That percentage is down from January, when 61 percent said the economy was crucial in determining support for congressional candidates.
Unemployment, the federal budget, even ethics in government and healthcare beat out taxes as being major concerns for voters this election. Only 38 percent of respondents deemed taxes extremely important, as compared to 48 percent for unemployment and the deficit, 47 percent for ethics and 45 percent for healthcare.
Voter concern about the economy has increased since the recession, with just 33 percent of respondents deeming it extremely important in May of 2007. Concern over the issue peaked in February of 2009, with 70 percent giving it top priority.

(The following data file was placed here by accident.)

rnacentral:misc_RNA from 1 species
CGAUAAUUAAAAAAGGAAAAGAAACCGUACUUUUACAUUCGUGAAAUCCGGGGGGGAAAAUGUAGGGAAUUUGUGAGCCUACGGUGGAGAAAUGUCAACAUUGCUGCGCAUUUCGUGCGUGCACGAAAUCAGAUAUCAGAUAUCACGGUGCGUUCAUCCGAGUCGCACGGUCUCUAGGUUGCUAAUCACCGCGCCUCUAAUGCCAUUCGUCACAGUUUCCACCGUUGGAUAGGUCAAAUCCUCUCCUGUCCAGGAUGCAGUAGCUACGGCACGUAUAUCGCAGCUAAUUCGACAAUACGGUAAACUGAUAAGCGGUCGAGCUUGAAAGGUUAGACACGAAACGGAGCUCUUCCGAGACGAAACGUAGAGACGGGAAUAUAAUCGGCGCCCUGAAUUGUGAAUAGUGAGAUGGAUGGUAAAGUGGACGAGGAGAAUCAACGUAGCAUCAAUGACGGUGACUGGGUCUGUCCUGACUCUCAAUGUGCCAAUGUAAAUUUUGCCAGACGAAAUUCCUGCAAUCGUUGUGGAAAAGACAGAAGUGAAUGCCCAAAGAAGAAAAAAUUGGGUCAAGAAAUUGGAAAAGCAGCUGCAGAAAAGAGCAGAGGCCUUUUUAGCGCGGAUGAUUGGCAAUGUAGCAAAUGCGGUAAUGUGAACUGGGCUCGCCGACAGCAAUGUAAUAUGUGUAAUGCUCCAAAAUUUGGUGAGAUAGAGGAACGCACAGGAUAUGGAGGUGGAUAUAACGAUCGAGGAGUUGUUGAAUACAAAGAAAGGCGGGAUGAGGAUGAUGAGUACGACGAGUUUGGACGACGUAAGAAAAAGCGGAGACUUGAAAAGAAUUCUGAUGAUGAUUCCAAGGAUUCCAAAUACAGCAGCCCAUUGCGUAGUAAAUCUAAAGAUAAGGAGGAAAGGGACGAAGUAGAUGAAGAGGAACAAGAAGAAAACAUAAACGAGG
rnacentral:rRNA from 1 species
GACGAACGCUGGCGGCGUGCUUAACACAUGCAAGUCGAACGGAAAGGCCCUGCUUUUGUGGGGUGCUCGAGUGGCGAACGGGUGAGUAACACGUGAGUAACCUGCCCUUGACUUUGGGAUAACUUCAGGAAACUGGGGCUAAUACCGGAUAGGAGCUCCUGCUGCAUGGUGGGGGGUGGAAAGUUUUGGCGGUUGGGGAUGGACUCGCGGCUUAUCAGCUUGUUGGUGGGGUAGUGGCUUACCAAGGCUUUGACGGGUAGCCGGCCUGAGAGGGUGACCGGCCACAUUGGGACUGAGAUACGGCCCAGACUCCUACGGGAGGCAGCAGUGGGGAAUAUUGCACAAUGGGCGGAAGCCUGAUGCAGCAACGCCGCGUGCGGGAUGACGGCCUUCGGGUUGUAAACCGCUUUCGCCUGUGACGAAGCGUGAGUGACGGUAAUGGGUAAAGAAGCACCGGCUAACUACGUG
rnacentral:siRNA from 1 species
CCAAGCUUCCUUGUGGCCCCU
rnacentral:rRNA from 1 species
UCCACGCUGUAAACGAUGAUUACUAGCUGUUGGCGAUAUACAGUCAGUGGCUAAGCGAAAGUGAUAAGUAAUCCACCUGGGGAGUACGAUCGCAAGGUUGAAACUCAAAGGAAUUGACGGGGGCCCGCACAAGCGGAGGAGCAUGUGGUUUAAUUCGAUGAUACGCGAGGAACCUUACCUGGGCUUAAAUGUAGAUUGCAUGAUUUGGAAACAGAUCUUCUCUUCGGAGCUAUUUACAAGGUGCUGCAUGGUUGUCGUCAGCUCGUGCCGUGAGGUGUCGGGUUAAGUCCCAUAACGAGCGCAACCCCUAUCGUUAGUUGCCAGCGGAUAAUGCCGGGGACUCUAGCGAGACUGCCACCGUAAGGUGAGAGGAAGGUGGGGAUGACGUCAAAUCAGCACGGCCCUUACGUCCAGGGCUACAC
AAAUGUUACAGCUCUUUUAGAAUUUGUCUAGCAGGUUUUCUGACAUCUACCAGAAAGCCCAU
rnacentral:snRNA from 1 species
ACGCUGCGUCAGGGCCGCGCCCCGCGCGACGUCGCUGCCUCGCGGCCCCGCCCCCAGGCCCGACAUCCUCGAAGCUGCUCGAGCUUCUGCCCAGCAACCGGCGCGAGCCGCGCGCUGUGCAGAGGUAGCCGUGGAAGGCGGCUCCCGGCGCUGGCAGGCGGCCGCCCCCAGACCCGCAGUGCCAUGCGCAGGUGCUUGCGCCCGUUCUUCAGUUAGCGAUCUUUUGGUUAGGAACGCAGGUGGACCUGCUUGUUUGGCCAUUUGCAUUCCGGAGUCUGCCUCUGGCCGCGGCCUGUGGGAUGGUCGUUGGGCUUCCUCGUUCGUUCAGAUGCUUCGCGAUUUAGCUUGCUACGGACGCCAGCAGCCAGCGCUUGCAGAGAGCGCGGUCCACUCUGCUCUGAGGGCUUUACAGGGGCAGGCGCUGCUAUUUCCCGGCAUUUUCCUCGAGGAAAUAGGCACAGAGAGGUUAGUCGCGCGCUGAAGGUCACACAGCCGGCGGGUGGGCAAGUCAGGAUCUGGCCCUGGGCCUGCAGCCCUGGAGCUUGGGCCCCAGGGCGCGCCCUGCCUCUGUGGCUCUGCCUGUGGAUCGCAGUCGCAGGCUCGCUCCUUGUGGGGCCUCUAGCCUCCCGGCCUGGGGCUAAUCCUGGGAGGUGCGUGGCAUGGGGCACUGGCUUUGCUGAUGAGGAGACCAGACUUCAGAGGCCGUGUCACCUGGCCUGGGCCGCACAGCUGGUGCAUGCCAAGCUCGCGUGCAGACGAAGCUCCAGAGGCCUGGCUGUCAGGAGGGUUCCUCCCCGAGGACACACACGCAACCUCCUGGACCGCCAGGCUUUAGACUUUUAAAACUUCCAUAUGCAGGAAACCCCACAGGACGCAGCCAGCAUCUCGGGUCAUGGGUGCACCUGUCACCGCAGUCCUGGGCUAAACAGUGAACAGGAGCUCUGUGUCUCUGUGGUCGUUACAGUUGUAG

Concern over taxes also peaked in February of 2009, with 43 percent saying the issue was extremely important to them.
Results for healthcare show it not being a driving force at the polls, despite calls from Democrats to reform the system.
Just 44 percent of respondents said it was extremely important in October of 2008, one month before President Obama was elected into office. Oddly, more respondents (45 percent) are now concerned about the issue after healthcare reform was enacted into law.